In less than a year, two major cybersecurity-related events will impact operations at auto and truck dealerships across California: the end of Windows 7 Security Support and the rollout of the CCPA. Companies that choose not to update their software before the end of the year put their client data at risk, and set themselves up for steep penalties from the state while they do. Here’s what you need to know:
Event #1: Retiring Windows 7 Security Support
Dealerships need cybersecurity protections that are constantly updated to meet ever-evolving threats. However, for Windows 7 users, automatic security patches are being sunsetted early next year.
Microsoft announced recently that it will stop offering security patches to their Windows 7 operating system as of January 20th, 2020. With no new patches to protect you from new viruses, trojans, and worms, your current system becomes a greater liability every day.
In 2014, Microsoft retired Windows XP in a similar manner. Within a few months, cybercriminals developed new ways to target businesses who were running XP with ransomware attacks, leading to thousands of dollars in damages and a breach of untold amounts of personal data. Dealerships can anticipate similar threats in the wake of changes to Windows 7.
When it comes to upgrading your operating system, the sooner the better. Windows 7 was launched a full decade ago, and a lot has happened in the cybersecurity world since then. Windows 10 is a major advancement in cybersecurity, especially for dealerships who network with other locations through cloud operations. Windows 10 was designed with the cloud in mind and offers more robust and modern security than its predecessors as a result.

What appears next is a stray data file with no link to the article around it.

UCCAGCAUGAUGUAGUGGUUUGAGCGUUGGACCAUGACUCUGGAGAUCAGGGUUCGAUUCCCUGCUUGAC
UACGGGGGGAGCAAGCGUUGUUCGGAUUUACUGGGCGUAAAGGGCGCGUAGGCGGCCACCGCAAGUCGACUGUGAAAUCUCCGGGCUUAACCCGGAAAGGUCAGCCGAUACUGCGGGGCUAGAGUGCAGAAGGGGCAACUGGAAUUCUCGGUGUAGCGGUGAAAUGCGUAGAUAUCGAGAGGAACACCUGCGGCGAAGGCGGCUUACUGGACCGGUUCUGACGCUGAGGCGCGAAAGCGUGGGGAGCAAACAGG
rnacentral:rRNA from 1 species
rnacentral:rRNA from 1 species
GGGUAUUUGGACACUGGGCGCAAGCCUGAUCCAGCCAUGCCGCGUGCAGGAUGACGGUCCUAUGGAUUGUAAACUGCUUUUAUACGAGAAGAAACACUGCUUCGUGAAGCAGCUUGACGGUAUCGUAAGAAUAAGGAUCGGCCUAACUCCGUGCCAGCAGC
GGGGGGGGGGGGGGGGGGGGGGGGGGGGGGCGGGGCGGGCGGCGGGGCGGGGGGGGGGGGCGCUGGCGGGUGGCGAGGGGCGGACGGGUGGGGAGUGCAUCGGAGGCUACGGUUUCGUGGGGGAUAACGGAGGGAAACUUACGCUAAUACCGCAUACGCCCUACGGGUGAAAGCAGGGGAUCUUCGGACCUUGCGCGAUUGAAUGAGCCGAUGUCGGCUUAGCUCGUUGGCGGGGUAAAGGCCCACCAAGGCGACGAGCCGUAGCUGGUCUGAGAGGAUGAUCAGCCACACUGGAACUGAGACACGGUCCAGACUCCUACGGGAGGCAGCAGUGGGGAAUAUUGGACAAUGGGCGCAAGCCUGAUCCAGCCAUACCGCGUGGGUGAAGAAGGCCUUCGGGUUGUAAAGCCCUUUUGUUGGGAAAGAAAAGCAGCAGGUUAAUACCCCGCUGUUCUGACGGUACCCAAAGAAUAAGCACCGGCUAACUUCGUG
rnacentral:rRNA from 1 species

In other words, it was built for today’s cyberthreats and evolves to stay ahead of new threats and tactics better.
Updating your whole network of computers can create major disruption if done at the last minute. For dealerships with smaller or less experienced IT teams, hiring help from automotive managed IT partners can get the job done quickly (and with less hassle).
Event #2: CCPA Regulations Launch
Updating the operating system on a network of computers can be a hassle, but it’s a manageable challenge. However, the California Consumer Privacy Act (CCPA) poses an existential threat to dealerships who fail to come into compliance.
Under this new law, businesses that don’t meet strict data storage protocols are subject to heavy fines — to the tune of several thousand dollars per customer. In addition, the law opens up businesses to civil liability suits from customers who feel their data was improperly handled. Without proper cybersecurity and data storage protocols, your dealership could be on the hook for huge penalties — even if you haven’t experienced a data breach. Running an operating system that is no longer receiving security patches is pretty much the definition of non-compliance.
Key steps for preparing your dealership for CCPA include understanding your current data management system, comparing what you’re doing to best practices and updating as needed, and gathering necessary IT resources to implement changes. While the compliance checklist is thorough and may seem daunting, it isn’t anything your company can’t handle (with a little help).
You’re expected to know the ins and outs of new cybersecurity law, but you don’t have to navigate those waters on your own. If you need help implementing new policies, contact Helion for assistance.